A time-motion study was performed on a population of general surgeons in suburban community practice whose median weekly operative work load had been previously determined to be 3.1 hernia equivalents (HE). The mean observed 6 day working week of this population of general surgeons was found to be 34.5 hours, of which 28.7 hours were devoted to professional activities. In addition, each surgeon averaged 1.4 hours per night in professional activities for a total work week of 44.3 hours. Thirty-five percent of the mean observed working week was spent in office activities and 50 percent spent in hospital activities. During the mean observed week, 18.5 hours (54 percent) were devoted to patient care, of which 16.5 hours were judged to be devoted to surgical care. Surgeons with above-median operative work loads in the previous study devoted 67 percent more time to professional activities and twice as much time to surgical activities as surgeons with below-median work loads. The findings support the hypothesis that there appears to be an underutilization of costly and highly specialized medical skills in the particular community and suggest that the HE methodology is a valid measure not only of the operative work of surgeons in community practice but of total time devoted to surgical care.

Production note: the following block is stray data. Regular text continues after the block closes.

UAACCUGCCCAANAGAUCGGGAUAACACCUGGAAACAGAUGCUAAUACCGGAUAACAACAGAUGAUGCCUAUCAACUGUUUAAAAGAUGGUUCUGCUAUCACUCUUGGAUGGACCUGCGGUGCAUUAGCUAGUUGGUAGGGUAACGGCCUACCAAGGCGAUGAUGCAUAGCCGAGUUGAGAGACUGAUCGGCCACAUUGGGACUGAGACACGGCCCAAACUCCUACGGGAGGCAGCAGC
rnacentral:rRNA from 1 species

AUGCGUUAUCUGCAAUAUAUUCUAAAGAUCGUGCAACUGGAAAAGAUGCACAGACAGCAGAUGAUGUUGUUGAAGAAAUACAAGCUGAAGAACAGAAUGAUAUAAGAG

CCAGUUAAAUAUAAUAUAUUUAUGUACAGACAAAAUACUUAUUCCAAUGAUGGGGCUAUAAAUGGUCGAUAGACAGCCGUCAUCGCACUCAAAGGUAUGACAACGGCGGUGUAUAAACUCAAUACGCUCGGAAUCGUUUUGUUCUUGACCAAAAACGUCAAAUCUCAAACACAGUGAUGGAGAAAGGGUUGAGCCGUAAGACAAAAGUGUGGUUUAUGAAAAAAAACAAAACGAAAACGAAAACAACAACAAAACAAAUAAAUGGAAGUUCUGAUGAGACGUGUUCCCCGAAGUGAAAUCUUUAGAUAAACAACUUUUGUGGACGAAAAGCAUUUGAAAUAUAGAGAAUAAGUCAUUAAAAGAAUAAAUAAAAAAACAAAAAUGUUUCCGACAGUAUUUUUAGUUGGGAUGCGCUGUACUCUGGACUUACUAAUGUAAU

|Original language||English (US)|
|Number of pages||13|
|State||Published - Mar 1975|
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